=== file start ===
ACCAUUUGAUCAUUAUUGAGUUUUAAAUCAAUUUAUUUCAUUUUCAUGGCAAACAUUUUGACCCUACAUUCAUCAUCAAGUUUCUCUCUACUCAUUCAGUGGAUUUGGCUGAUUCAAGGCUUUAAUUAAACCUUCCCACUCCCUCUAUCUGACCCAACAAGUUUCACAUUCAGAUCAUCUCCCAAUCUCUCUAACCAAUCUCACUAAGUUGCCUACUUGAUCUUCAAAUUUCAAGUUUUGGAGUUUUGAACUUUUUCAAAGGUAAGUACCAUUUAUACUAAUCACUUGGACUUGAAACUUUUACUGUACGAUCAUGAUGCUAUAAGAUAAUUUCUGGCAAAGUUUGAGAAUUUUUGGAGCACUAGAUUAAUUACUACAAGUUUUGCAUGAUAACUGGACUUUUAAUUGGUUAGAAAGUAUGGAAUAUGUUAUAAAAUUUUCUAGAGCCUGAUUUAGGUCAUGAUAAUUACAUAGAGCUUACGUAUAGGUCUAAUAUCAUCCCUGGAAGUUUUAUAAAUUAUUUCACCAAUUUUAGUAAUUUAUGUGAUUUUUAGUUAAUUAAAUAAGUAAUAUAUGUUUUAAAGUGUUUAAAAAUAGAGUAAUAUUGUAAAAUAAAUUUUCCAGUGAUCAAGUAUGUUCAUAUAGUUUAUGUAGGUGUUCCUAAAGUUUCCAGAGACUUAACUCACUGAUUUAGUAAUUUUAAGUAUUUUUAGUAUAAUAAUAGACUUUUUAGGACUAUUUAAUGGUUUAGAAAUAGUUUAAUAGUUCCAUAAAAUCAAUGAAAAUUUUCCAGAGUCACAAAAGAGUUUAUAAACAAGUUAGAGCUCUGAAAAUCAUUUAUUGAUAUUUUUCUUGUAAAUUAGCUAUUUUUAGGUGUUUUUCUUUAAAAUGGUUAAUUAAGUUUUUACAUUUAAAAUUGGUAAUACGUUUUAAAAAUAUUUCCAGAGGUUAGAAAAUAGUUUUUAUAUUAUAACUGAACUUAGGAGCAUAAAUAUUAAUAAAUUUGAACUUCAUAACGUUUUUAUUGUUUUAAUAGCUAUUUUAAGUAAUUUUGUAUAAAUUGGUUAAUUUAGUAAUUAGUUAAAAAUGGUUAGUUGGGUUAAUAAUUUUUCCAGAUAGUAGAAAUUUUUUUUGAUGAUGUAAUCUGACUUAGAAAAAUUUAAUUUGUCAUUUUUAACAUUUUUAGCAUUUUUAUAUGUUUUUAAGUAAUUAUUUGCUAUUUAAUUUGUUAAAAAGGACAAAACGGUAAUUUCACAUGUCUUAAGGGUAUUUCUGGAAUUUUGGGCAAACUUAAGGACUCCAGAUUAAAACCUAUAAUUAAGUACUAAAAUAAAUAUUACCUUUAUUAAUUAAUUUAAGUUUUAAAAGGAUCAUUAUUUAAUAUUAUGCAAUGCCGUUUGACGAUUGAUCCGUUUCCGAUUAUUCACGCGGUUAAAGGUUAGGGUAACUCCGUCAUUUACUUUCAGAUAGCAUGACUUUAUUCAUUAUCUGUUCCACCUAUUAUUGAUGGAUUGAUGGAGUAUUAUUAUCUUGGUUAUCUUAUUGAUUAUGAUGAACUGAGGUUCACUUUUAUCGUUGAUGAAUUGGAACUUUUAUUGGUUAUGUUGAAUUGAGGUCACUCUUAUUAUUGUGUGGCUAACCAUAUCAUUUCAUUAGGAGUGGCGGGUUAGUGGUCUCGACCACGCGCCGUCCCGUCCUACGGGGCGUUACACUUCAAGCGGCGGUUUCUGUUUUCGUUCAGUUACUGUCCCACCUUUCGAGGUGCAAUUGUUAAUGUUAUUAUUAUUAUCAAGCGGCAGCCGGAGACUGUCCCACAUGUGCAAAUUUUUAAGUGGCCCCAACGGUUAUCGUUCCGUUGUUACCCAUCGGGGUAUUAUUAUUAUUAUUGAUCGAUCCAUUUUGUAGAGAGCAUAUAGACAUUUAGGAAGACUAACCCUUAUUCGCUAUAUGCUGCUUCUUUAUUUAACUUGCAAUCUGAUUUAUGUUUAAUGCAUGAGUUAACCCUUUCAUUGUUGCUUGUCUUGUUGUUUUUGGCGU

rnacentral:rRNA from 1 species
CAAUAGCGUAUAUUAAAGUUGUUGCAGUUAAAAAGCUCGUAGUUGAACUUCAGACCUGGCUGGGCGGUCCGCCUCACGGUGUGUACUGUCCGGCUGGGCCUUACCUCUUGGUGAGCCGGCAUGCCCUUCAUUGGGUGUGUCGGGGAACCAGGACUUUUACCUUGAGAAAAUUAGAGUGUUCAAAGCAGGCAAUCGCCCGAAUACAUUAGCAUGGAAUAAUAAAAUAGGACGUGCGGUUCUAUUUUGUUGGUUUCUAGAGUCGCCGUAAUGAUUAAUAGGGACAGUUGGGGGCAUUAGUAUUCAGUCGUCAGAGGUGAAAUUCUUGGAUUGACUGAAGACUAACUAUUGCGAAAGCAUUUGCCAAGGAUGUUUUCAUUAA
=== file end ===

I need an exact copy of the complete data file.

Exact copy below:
ACCAUUUGAUCAUUAUUGAGUUUUAAAUCAAUUUAUUUCAUUUUCAUGGCAAACAUUUUGACCCUACAUUCAUCAUCAAGUUUCUCUCUACUCAUUCAGUGGAUUUGGCUGAUUCAAGGCUUUAAUUAAACCUUCCCACUCCCUCUAUCUGACCCAACAAGUUUCACAUUCAGAUCAUCUCCCAAUCUCUCUAACCAAUCUCACUAAGUUGCCUACUUGAUCUUCAAAUUUCAAGUUUUGGAGUUUUGAACUUUUUCAAAGGUAAGUACCAUUUAUACUAAUCACUUGGACUUGAAACUUUUACUGUACGAUCAUGAUGCUAUAAGAUAAUUUCUGGCAAAGUUUGAGAAUUUUUGGAGCACUAGAUUAAUUACUACAAGUUUUGCAUGAUAACUGGACUUUUAAUUGGUUAGAAAGUAUGGAAUAUGUUAUAAAAUUUUCUAGAGCCUGAUUUAGGUCAUGAUAAUUACAUAGAGCUUACGUAUAGGUCUAAUAUCAUCCCUGGAAGUUUUAUAAAUUAUUUCACCAAUUUUAGUAAUUUAUGUGAUUUUUAGUUAAUUAAAUAAGUAAUAUAUGUUUUAAAGUGUUUAAAAAUAGAGUAAUAUUGUAAAAUAAAUUUUCCAGUGAUCAAGUAUGUUCAUAUAGUUUAUGUAGGUGUUCCUAAAGUUUCCAGAGACUUAACUCACUGAUUUAGUAAUUUUAAGUAUUUUUAGUAUAAUAAUAGACUUUUUAGGACUAUUUAAUGGUUUAGAAAUAGUUUAAUAGUUCCAUAAAAUCAAUGAAAAUUUUCCAGAGUCACAAAAGAGUUUAUAAACAAGUUAGAGCUCUGAAAAUCAUUUAUUGAUAUUUUUCUUGUAAAUUAGCUAUUUUUAGGUGUUUUUCUUUAAAAUGGUUAAUUAAGUUUUUACAUUUAAAAUUGGUAAUACGUUUUAAAAAUAUUUCCAGAGGUUAGAAAAUAGUUUUUAUAUUAUAACUGAACUUAGGAGCAUAAAUAUUAAUAAAUUUGAACUUCAUAACGUUUUUAUUGUUUUAAUAGCUAUUUUAAGUAAUUUUGUAUAAAUUGGUUAAUUUAGUAAUUAGUUAAAAAUGGUUAGUUGGGUUAAUAAUUUUUCCAGAUAGUAGAAAUUUUUUUUGAUGAUGUAAUCUGACUUAGAAAAAUUUAAUUUGUCAUUUUUAACAUUUUUAGCAUUUUUAUAUGUUUUUAAGUAAUUAUUUGCUAUUUAAUUUGUUAAAAAGGACAAAACGGUAAUUUCACAUGUCUUAAGGGUAUUUCUGGAAUUUUGGGCAAACUUAAGGACUCCAGAUUAAAACCUAUAAUUAAGUACUAAAAUAAAUAUUACCUUUAUUAAUUAAUUUAAGUUUUAAAAGGAUCAUUAUUUAAUAUUAUGCAAUGCCGUUUGACGAUUGAUCCGUUUCCGAUUAUUCACGCGGUUAAAGGUUAGGGUAACUCCGUCAUUUACUUUCAGAUAGCAUGACUUUAUUCAUUAUCUGUUCCACCUAUUAUUGAUGGAUUGAUGGAGUAUUAUUAUCUUGGUUAUCUUAUUGAUUAUGAUGAACUGAGGUUCACUUUUAUCGUUGAUGAAUUGGAACUUUUAUUGGUUAUGUUGAAUUGAGGUCACUCUUAUUAUUGUGUGGCUAACCAUAUCAUUUCAUUAGGAGUGGCGGGUUAGUGGUCUCGACCACGCGCCGUCCCGUCCUACGGGGCGUUACACUUCAAGCGGCGGUUUCUGUUUUCGUUCAGUUACUGUCCCACCUUUCGAGGUGCAAUUGUUAAUGUUAUUAUUAUUAUCAAGCGGCAGCCGGAGACUGUCCCACAUGUGCAAAUUUUUAAGUGGCCCCAACGGUUAUCGUUCCGUUGUUACCCAUCGGGGUAUUAUUAUUAUUAUUGAUCGAUCCAUUUUGUAGAGAGCAUAUAGACAUUUAGGAAGACUAACCCUUAUUCGCUAUAUGCUGCUUCUUUAUUUAACUUGCAAUCUGAUUUAUGUUUAAUGCAUGAGUUAACCCUUUCAUUGUUGCUUGUCUUGUUGUUUUUGGCGU

rnacentral:rRNA from 1 species
CAAUAGCGUAUAUUAAAGUUGUUGCAGUUAAAAAGCUCGUAGUUGAACUUCAGACCUGGCUGGGCGGUCCGCCUCACGGUGUGUACUGUCCGGCUGGGCCUUACCUCUUGGUGAGCCGGCAUGCCCUUCAUUGGGUGUGUCGGGGAACCAGGACUUUUACCUUGAGAAAAUUAGAGUGUUCAAAGCAGGCAAUCGCCCGAAUACAUUAGCAUGGAAUAAUAAAAUAGGACGUGCGGUUCUAUUUUGUUGGUUUCUAGAGUCGCCGUAAUGAUUAAUAGGGACAGUUGGGGGCAUUAGUAUUCAGUCGUCAGAGGUGAAAUUCUUGGAUUGACUGAAGACUAACUAUUGCGAAAGCAUUUGCCAAGGAUGUUUUCAUUAA